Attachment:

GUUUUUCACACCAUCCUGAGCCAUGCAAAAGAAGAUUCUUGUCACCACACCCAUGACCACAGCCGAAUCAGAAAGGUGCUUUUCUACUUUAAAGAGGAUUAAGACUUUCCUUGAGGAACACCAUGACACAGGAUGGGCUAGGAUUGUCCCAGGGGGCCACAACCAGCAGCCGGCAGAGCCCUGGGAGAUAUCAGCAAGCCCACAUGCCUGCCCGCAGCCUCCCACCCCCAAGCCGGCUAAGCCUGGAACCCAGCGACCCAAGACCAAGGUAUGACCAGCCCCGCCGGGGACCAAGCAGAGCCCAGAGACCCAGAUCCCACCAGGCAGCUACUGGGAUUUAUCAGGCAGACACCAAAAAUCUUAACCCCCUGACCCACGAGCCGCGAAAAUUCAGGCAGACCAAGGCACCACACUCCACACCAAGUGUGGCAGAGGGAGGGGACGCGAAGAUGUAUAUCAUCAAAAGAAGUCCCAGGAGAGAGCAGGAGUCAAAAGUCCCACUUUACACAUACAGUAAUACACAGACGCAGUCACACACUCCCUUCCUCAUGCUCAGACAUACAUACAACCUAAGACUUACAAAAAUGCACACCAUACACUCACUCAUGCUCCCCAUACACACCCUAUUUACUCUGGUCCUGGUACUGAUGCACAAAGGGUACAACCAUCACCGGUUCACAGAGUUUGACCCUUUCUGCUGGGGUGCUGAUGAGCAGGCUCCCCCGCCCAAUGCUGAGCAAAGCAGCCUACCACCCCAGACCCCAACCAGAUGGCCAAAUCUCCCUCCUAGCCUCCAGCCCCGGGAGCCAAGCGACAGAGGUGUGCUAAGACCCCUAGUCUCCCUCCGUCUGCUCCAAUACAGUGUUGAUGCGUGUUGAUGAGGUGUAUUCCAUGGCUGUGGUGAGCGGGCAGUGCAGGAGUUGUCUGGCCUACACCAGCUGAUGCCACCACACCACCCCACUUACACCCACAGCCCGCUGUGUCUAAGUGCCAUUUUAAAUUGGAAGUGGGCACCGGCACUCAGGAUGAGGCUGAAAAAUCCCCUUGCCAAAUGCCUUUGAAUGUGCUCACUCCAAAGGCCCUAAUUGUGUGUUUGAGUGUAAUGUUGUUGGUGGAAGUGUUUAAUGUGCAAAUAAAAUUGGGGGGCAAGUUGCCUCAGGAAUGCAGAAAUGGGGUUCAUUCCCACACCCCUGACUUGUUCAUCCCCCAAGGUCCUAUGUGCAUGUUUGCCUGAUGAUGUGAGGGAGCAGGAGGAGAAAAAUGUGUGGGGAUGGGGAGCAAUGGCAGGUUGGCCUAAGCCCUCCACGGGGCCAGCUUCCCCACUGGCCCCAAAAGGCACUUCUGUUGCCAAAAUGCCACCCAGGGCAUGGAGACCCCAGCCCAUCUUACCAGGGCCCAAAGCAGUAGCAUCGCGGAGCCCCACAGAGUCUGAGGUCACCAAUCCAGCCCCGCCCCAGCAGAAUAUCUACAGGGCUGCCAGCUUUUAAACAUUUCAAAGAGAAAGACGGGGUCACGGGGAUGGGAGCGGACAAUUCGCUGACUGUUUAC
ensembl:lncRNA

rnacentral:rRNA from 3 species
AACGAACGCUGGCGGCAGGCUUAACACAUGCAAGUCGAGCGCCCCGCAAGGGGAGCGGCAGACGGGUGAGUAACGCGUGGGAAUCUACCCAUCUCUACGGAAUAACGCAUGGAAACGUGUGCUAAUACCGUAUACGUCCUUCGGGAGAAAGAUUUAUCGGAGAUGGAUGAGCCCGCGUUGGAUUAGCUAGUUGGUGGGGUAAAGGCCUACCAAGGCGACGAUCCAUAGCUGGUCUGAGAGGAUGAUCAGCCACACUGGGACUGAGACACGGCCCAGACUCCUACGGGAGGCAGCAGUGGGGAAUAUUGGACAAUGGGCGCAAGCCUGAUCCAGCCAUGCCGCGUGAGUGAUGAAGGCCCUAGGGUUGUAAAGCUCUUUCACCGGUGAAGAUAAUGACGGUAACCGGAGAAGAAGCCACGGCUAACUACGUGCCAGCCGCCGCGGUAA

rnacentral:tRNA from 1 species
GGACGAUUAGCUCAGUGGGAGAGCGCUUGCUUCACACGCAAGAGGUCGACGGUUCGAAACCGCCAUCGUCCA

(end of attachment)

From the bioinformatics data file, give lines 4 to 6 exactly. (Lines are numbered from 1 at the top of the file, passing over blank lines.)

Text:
AACGAACGCUGGCGGCAGGCUUAACACAUGCAAGUCGAGCGCCCCGCAAGGGGAGCGGCAGACGGGUGAGUAACGCGUGGGAAUCUACCCAUCUCUACGGAAUAACGCAUGGAAACGUGUGCUAAUACCGUAUACGUCCUUCGGGAGAAAGAUUUAUCGGAGAUGGAUGAGCCCGCGUUGGAUUAGCUAGUUGGUGGGGUAAAGGCCUACCAAGGCGACGAUCCAUAGCUGGUCUGAGAGGAUGAUCAGCCACACUGGGACUGAGACACGGCCCAGACUCCUACGGGAGGCAGCAGUGGGGAAUAUUGGACAAUGGGCGCAAGCCUGAUCCAGCCAUGCCGCGUGAGUGAUGAAGGCCCUAGGGUUGUAAAGCUCUUUCACCGGUGAAGAUAAUGACGGUAACCGGAGAAGAAGCCACGGCUAACUACGUGCCAGCCGCCGCGGUAA

rnacentral:tRNA from 1 species
GGACGAUUAGCUCAGUGGGAGAGCGCUUGCUUCACACGCAAGAGGUCGACGGUUCGAAACCGCCAUCGUCCA